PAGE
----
Undergraduate Admission: Exceeding Goals and Expectations
When the nation plunged into recession in 2008, higher education found itself facing enormous student-recruitment challenges. Not only were some students foregoing higher education altogether, still others were focused on helping their families contend with tight budgets. Where once they might have considered private schools, they increasingly opted for public. Where once they might have considered out-of-state options, they chose institutions closer to home.
Despite these daunting conditions, the University’s Office of Admission was able not only to meet but exceed its student-recruitment goals, both in fall 2008, when the economic storm was gathering, and in fall 2009, when the economy had begun to stabilize.
Tom Willoughby, vice chancellor of enrollment, attributes the University’s success, in part, to a willingness to invest in programming and new faculty, even as schools elsewhere cut academic offerings and eliminated teaching positions. In addition, the Office of Admission calibrated its recruitment strategy with two goals in mind: continuing to grow the applicant pool and recruiting the high-caliber undergraduate students most likely to succeed at DU.
Throughout the 2009–10 student recruitment campaign, one of the office’s chief priorities was to highlight the University’s financial stability and educational quality. With the media focused on the financial plight facing public institutions, DU was able to offer a reassuring contrast. “This is where the value of DU shined brighter than ever,” Willoughby said. “We promoted the financial strength of DU and how that would translate into a high-quality experience throughout the student’s four years here.”
As a result, he added, “we had one of the best years ever.”
Because price sensitivity and financial aid packages have played a big role in students’ decision making, the University strengthened its institutional funding for scholarships and financial aid, and it decided to communicate each student’s financial aid award earlier than usual. What’s more, signaling its commitment to affordability and family concerns, the University announced its lowest tuition increase in years. At less than 3 percent, the increase was one of the lowest nationwide.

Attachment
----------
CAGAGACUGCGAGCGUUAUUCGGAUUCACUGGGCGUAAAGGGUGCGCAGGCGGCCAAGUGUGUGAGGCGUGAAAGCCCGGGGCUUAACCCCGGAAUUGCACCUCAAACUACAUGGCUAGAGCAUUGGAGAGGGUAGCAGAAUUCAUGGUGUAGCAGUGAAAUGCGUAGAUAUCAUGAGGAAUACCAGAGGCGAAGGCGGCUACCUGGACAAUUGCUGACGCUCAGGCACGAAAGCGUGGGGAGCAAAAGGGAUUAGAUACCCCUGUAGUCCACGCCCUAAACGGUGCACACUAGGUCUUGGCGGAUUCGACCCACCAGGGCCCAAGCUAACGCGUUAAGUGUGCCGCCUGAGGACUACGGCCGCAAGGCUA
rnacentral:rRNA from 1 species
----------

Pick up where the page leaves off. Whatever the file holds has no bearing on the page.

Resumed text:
Willoughby and his staff also aggressively marketed and refined the campus visitation program, largely because students who visit campus are more likely to apply and enroll than those who don’t.
The University’s strategy paid off handsomely. By the end of the recruitment campaign, applications had increased 68 percent from two years ago. The total number of applications for fall 2010 was 12,400, compared to 10,825 in 2009 and 8,380 in 2008. Of these, 9,315 were deemed complete and reviewed by the admission staff.
The Early Action program, which processes applications submitted by a November deadline, yielded 3,419 of those applications. The rest were channeled through the University’s Regular Decision program, which adheres to a January deadline.
Willoughby was especially pleased that the applicant pool showed growth in key areas. Out-of-state applications increased 10 percent to 7,549. Multicultural applications rose 20 percent from the year before, while international applications jumped 26 percent.
DU also received 5,691 applications from males, representing an 11 percent increase over the previous year and 3 percent better than the budgeted 43 percent. This stood in contrast to a nationwide trend that shows declining numbers of applications from young men.
In addition, the academic quality of students expected to enroll has soared. The SAT average for the incoming class increased 14 points, while the overall ACT increased 2 percent. The average GPA of the first-year class is 3.67, versus last year’s 3.66.
Perhaps most impressive, 17 of the annual 40 Boettcher Scholars indicated they will enroll at DU in fall 2010, a record number for an institution that has long been an attractive option for high-achieving students. That will bring the total number of Boettcher Scholars on campus to 62.
“It’s a great statement for the perceived quality of the DU education in the minds of the marketplace,” Willoughby said.
By May 1, 2010, the Office of Admission had received 1,350 deposits, compared with 1,319 the previous year. Willoughby expects 1,239 students to enroll in fall 2010, exceeding the budgeted goal of 1,200.